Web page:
Administrative incompetence in India manifests and articulates itself in some of the most imaginative guises, and the meltdown in Jammu & Kashmir (J&K) over the past weeks, unsurprisingly, produced some disingenuous formulations. The most creative among these was a theory of ‘decompression’ enunciated by a senior state police officer, which asserted that the best way to deal with the rising tensions in both the valley and in Jammu was simply to withdraw forces and allow often-violent demonstrators free run of the state’s capital cities (Srinagar is the summer, and Jammu the winter capital of J&K). It was this ‘idiot philosophy’ of administration that resulted in sectarian and separatist mobs simply and repeatedly taking over both towns, even as the security forces (SFs) withdrew under specific orders not to confront or obstruct the crowds. As a result, separatist mobilisation produced two ‘mass rallies’ on August 18 and 22, 2008, in Srinagar, gathering crowds estimated at about 125,000 and 250,000, respectively. This mobilisation was mirrored by communal mobilisation over the Amarnath land allocation controversy by Hindu right wing organisations in Jammu.
Another ‘stream of thought’ -- enunciated in two diametrically opposite perspectives -- also found sympathetic audiences at the highest echelons of power, both in the state and at the centre. In one formulation, the breakdown in Jammu was a ‘mere law and order problem’, while events in the valley reflected a ‘political problem’. Jammu was, consequently, to be ‘tackled’ through stern police action, while a ‘military’ or ‘police’ response in Kashmir would be entirely counter-productive, and the state’s agencies could profit most through conciliation of and negotiation with separatists in the valley. Conversely, in the opinion of other resident sages, the ‘street rage’ in Jammu was rooted in a long history of injury and neglect, and needed to be ‘handled sensitively’, but the separatist excesses in the valley deserved no leniency, and were to be abruptly suppressed through the use of all means necessary. While both theses were advanced by officials of impeccable ‘secular’ credentials, there are no prizes for guessing the religious identity of the respective backers of each proposal.
It is significant that no coherent advocacy of the rule of law, the necessity of imposing the writ of the state, or of protecting the lives, properties and freedom of movement of the common people, found any meaningful space in the frenetic policy discourse over weeks of crisis.
What is astonishing is that such gratuitous nonsense was not only given a hearing, it produced abject state paralysis in both Srinagar and Jammu, as well as at the centre, despite grave anxieties expressed by intelligence agencies and central security forces. It is significant that these ideas found currency within the context of a collapse of confidence that had followed the August 11 secessionist march to the Line of Control (LoC) in which severely inadequate force deployment had resulted in "murderous street clashes between Police and protestors" which claimed some 20 lives.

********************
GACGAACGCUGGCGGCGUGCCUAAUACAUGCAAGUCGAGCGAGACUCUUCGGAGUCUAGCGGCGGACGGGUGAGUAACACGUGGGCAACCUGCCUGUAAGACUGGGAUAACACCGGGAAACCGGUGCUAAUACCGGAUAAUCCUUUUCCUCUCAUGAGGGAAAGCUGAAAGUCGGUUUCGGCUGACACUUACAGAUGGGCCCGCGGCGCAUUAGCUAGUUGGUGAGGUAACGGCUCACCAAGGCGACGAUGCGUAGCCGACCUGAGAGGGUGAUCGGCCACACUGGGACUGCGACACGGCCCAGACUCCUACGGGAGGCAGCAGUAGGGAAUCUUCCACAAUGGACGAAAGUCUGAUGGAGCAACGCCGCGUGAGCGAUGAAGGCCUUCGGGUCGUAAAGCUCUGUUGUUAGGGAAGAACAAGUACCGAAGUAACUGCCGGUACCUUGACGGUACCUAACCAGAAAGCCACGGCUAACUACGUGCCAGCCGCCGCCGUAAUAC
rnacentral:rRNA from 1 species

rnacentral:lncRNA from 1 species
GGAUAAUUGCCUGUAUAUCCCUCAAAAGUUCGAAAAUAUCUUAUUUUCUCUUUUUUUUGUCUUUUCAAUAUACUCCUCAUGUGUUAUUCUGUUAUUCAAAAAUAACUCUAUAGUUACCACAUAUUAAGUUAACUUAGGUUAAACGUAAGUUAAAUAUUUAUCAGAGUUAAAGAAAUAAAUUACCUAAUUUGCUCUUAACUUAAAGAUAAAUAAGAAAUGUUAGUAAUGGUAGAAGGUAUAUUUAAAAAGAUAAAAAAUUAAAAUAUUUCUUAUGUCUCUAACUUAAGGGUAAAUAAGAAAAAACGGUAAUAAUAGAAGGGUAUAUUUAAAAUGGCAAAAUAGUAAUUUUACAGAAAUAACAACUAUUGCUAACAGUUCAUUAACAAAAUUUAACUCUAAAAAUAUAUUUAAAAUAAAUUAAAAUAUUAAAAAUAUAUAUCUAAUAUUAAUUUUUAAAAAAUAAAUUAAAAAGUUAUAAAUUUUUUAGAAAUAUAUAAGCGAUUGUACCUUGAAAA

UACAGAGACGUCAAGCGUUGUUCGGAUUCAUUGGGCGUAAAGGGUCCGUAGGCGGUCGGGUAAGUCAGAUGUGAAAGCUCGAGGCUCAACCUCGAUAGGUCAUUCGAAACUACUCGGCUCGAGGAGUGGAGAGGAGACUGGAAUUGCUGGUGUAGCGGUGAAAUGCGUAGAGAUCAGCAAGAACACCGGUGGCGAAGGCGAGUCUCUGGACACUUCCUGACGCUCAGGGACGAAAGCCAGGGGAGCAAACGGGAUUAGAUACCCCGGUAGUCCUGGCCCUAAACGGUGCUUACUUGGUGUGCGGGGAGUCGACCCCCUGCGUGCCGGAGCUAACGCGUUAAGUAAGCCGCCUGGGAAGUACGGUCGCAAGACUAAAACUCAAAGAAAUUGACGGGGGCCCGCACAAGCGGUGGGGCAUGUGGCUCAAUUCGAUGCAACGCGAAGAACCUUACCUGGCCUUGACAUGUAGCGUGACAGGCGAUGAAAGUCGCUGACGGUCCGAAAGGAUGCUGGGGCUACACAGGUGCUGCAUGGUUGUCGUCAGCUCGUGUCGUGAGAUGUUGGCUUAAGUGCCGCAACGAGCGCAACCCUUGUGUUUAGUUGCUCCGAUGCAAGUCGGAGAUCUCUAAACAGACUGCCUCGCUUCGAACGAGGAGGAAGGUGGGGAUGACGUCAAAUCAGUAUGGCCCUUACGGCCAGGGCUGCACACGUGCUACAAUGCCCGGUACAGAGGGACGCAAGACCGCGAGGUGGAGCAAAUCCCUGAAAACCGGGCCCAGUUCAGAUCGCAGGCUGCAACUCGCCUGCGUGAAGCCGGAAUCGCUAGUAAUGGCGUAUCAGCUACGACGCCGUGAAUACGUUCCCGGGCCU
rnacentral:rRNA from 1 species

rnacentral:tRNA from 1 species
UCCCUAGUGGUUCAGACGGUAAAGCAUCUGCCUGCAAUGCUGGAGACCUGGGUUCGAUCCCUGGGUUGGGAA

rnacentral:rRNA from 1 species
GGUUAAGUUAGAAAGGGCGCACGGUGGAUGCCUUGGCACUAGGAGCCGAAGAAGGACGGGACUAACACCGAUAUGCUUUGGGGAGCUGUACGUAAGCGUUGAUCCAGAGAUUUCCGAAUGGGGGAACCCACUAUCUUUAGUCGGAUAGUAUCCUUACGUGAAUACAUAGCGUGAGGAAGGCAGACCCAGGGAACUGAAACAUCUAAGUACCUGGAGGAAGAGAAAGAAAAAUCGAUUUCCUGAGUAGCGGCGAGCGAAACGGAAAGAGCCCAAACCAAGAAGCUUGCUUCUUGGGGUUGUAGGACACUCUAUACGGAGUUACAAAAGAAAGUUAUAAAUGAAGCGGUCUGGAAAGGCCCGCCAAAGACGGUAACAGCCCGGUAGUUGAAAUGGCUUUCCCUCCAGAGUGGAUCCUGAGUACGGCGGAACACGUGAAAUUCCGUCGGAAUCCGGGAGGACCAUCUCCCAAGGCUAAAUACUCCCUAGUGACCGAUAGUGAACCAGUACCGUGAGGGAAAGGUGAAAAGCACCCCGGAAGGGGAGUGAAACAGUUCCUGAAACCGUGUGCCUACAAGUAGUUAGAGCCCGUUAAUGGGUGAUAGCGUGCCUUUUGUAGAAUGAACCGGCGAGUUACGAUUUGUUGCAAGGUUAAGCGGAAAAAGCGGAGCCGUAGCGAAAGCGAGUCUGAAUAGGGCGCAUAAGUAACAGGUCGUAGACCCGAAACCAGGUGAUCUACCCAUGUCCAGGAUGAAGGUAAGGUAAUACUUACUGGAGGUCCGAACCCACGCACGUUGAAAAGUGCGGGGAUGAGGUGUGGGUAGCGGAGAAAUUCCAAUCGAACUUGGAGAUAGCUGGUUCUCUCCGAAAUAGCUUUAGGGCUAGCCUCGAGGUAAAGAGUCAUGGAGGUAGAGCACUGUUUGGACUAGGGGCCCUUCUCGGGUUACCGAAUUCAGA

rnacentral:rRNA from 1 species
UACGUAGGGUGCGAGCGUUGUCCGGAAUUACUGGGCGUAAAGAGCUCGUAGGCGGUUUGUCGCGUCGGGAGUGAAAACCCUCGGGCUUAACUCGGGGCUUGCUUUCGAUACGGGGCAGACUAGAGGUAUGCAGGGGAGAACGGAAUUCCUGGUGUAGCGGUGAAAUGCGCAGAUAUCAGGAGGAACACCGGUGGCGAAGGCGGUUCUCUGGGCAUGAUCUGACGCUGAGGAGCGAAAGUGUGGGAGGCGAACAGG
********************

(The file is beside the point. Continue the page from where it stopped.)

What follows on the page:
In any event, the government, both at the centre and in the state, celebrated
the fact that the demonstrations by separatist elements at Srinagar on August 18
and 22, as also the total bandh (shutdown) they imposed in the intervening days,
"passed off peacefully". It was, of course, of trivial importance that
separatist mobs had taken over the heart of Srinagar town for days at end; their
leaders had delivered incendiary speeches; and slogans of ‘Pakistan Zindabad’
(Long Live Pakistan) and ‘Bharat teri maut aayi, Lashkar aayi, Lashkar aayi’
(India, your death has come, the Lashkar has come, the Lashkar has come), among
others, were raised.
On the same days, Jammu town was handed over to another rabble demanding restoration of the allocation of land to the Amarnath Shrine Board, which took to the streets and engaged in several acts of vandalism. Once again, the police and security forces had been ordered out of the affected areas in order to ‘avoid confrontation’.
But if peace is to be secured by simply withdrawing the state’s security
presence from all areas of possible confrontation and conflict, then it will not
be long before the Indian state vacates its entire jurisdiction and lapses into
the territorial extent of what was evocatively described in the terminal stages
of the Mughal era: Sultanat-e-Shah Alam/ Az Dilli ta Palam [The Empire of
Shah Alam (extends) from Delhi to Palam].
In the turbulent days of protests preceding the August 18 ‘mass rally’, security officers who had done their duty had been summarily transferred out, humiliated, and, in at least one case, denied rightful and hard-earned Independence Day honours. Areas of the old town in Srinagar, which had been hotbeds of terrorism in the 1990s, and had been recovered at great sacrifice by the security forces, had once again been abandoned, without contest, to the extremists. Worse, demonstrators dispersing from the mass rallies pelted stones on Central Reserve Police Force (CRPF) personnel in the old city, forcing the troopers -- under strict orders not to fire at the crowds -- to withdraw, and then proceeded to smash their bunkers. One report spoke of, "groups of phenomenally emboldened secessionists dismantling hundreds of CRPF bunkers in the capital city." In all, state authority visibly crumbled across both the valley and Jammu, even as evidence of direct Pakistani interference in the current troubles mounted, and repeated violations of the ceasefire along the LoC were registered.